platform. When Red Cross packages were given out, and other changes were made, the death rate
dropped. According to medical records kept by the camp's doctors and medics, he was admitted into
the hospital on Tuesday, June 9, 1942, suffering from malaria and remained in the hospital until
discharged on Thursday, October 15, 1942.
Albert was admitted a second time into the hospital on Sunday, November 1, 1942,
suffering from Ariboflavinosis which caused soars in the mouth. He got this from Riboflavin which is
disease caused by the lack of vitamin B. He was discharged on Wednesday, November 4, 1942.
Other medical records indicate he was readmitted to the hospital on April 10, 1943. Again, no
information on why he was hospitalized or when he was released was given. At some point, he was
transferred to Bilibid Prison. The POWs there were starved of news from the outside world because
the camp was actually a prison.
On December 12, 1944, the POWs heard rumors that a detail was being sent
out. The POWs went through what was a farce of an inspection. They were told cigarettes,
soap, and salt would be issued. The POWs were also told that they would also receive a meal to eat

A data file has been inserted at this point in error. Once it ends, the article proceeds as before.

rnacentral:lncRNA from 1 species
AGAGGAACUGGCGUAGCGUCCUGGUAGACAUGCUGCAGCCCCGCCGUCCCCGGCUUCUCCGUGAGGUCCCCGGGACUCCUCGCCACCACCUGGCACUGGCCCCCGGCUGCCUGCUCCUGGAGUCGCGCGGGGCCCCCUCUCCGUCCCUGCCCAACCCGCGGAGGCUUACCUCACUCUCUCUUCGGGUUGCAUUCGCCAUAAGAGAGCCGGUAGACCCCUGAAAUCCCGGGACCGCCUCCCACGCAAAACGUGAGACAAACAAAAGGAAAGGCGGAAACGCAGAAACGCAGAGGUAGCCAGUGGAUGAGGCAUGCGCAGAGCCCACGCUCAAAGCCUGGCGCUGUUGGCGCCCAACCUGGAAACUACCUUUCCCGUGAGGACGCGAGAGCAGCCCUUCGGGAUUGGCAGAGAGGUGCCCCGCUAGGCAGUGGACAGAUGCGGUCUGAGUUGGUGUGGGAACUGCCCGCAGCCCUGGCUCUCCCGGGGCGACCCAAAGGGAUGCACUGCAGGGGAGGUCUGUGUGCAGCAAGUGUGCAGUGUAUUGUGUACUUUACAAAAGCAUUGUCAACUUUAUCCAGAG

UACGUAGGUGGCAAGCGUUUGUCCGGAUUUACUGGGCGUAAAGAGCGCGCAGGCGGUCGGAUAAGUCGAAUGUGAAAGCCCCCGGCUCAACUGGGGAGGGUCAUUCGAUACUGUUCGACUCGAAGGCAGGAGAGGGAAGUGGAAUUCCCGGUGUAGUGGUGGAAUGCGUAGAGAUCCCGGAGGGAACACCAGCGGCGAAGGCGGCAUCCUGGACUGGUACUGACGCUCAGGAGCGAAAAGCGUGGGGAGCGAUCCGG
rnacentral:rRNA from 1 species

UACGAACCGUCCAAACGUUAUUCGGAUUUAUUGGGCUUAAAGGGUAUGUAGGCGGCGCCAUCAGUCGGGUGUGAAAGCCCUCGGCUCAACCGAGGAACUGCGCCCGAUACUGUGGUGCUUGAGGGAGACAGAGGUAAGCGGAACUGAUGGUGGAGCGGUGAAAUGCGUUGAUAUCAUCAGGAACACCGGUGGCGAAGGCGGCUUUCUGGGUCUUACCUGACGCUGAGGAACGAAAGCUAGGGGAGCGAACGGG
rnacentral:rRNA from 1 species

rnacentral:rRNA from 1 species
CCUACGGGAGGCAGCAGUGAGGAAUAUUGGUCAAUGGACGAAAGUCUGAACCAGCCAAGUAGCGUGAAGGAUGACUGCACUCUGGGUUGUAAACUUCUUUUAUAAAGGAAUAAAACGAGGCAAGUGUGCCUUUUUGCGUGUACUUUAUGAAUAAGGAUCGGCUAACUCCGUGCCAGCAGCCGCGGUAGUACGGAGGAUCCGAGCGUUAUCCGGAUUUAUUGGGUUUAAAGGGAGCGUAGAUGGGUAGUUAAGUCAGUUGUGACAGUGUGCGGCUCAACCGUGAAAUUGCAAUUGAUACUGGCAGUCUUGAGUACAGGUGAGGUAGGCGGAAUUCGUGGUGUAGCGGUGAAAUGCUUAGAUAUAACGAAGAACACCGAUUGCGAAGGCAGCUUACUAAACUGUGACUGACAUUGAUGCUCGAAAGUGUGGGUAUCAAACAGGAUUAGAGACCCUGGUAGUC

and one to take with them. The Japanese stated they would leave by 7:00 in the morning, so the
lights were left on all night. At 4:00 a.m. the morning of December 13, the POWs were awakened.
By 8:00, the POWs were lined up roll call was taken and the names of the men
selected for transport to Japan were called. The prisoners were allowed to roam the compound until
they were told to "fall-in." The men were fed a meal and then marched to Pier 7 in Manila.
During the march down Luzon Boulevard, the POWs saw that the street cars had stopped running and many
things were in disrepair.
The POWs saw that the American bombers were doing a job on the Japanese
transports. There were at least forty wrecked ships in the bay. When the POWs reached Pier 7,
there were three ships docked. One was a old run down ship, the other two were large and in good
shape. They soon discovered one of the two nicer ships was their ship.
The POWs were allowed to sit, and many of them fell asleep. At 5:00 in the
afternoon, the POWs were boarded onto the Oryoku Maru and put in one of the ship's holds. The high
ranking officers were the first put into the ship's afthold. Being the first on meant that they
would suffer many deaths. Around the perimeter of the hold were two tiers of bunks for the
POWs. The heat was so bad that men soon began to pass out. One survivor said